The Lawyer Asia Pacific 150 is the only research report to provide a ranking of the top 100 independent local firms and top 50 global firms in the region. The report offers critical review of some of the fastest growing firms and their strategies, a country-by-country guide to leading legal advisers and legal services market trends, plus exclusive insight into the current business development opportunities in the Asia Pacific. Read more
This year, The Lawyer’s annual ranking of the largest UK law firms by turnover is available as an interactive, digital benchmarking tool. For the first time this will allow you to manipulate each data set against the metrics of your choice.
The Law Society has relaxed the rules governing applications for Solicitors Indemnity Fund (SIF) waivers, on the eve of a legal challenge against the fund's monopoly.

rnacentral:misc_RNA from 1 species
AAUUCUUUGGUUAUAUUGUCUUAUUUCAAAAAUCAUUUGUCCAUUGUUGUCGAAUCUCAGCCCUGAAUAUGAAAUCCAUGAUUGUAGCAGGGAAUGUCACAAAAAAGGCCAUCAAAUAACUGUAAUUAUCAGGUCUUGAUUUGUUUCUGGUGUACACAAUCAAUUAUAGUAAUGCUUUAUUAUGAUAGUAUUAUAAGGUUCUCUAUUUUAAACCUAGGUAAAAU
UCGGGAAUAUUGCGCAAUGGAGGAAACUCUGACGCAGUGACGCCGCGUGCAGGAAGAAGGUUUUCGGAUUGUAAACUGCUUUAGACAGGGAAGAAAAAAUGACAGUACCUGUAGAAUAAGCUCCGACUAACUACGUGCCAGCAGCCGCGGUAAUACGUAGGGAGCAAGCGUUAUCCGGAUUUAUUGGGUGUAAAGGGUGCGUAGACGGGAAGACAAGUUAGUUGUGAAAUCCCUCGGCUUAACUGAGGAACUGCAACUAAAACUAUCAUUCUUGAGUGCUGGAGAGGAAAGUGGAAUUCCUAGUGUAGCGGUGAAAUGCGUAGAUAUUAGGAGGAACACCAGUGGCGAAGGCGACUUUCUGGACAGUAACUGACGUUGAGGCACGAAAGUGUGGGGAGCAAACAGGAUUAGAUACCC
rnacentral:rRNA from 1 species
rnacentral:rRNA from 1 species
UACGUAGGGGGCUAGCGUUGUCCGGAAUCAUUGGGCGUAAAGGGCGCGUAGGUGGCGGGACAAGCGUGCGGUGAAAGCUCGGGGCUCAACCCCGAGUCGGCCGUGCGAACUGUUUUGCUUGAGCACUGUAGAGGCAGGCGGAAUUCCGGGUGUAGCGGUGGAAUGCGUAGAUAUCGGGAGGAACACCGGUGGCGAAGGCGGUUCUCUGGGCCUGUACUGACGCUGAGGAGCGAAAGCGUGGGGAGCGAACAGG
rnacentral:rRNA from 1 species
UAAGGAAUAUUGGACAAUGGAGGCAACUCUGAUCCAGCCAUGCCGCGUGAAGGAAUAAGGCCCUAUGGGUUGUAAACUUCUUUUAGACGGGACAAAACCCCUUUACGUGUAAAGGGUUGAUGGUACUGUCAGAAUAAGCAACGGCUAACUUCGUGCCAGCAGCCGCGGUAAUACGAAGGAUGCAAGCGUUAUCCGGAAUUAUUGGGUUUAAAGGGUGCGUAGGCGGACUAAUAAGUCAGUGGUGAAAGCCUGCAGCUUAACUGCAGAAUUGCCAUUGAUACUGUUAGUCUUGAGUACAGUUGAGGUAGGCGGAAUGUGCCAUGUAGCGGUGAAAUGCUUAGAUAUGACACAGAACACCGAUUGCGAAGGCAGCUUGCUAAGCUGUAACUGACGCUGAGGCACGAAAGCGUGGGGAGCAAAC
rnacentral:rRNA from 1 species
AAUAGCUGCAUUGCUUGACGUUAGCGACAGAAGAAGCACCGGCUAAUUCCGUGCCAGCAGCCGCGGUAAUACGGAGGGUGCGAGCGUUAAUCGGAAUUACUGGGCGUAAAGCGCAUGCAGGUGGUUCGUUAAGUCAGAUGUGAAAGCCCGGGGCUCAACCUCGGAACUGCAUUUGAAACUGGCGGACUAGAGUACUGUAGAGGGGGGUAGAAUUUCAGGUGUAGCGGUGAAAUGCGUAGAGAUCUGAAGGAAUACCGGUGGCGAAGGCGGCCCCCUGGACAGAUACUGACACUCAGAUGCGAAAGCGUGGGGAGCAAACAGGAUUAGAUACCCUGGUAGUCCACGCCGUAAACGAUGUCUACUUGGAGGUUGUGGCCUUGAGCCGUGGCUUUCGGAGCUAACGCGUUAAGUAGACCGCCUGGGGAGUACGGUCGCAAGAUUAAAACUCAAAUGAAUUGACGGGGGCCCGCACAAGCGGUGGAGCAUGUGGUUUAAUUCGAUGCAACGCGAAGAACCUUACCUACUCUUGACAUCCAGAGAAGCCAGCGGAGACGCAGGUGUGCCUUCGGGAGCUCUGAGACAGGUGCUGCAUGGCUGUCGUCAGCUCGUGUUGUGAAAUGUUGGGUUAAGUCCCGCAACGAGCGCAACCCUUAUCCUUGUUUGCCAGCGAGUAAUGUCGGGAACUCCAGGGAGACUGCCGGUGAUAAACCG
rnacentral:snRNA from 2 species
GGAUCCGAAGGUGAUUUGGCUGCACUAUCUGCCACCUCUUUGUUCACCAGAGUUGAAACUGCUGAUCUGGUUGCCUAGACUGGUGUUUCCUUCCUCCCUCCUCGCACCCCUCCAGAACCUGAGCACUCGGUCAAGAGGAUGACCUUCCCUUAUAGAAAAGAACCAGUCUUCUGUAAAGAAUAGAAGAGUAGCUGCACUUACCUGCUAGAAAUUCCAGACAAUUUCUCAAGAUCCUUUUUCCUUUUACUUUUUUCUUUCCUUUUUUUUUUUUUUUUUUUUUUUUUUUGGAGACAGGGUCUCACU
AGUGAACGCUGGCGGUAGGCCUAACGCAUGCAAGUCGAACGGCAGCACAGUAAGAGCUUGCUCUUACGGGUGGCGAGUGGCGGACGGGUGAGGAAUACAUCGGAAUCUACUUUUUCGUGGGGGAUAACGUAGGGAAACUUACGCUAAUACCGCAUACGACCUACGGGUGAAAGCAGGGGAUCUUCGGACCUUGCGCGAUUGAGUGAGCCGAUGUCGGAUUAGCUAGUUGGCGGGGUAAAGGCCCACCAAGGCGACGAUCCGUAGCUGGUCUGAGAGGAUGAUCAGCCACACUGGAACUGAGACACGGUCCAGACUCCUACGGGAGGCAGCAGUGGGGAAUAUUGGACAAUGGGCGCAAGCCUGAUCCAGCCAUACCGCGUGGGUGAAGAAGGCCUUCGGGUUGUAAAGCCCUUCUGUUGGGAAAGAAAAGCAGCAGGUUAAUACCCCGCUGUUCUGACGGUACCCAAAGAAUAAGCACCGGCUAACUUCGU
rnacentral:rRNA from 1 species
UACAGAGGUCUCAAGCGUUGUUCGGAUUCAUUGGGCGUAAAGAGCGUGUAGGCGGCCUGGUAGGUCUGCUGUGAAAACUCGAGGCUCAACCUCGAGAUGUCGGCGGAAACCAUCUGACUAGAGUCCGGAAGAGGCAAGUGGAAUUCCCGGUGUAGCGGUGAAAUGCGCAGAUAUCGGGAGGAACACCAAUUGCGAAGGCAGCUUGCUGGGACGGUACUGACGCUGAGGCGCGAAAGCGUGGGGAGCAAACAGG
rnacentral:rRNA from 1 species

Until now, solicitors hit by huge SIF bills have only been let off paying them if they can prove they have been subjected to serious injustice because of an anomalous situation.
But last week the society announced that the criteria had been changed to allow waivers when a "strict operation" of the rules had caused the serious injustice.
The move co-incides with Hampshire solicitor Michael Dalton's application this Friday to bring a judicial review against the society for refusing to let law firms opt out of SIF.
Dalton is refusing to pay his SIF bill after it doubled with the introduction of risk banding, designed to make claims reflect more accurately the risk posed by the type of work firms do. He dismissed the waiver change as a public relations exercise.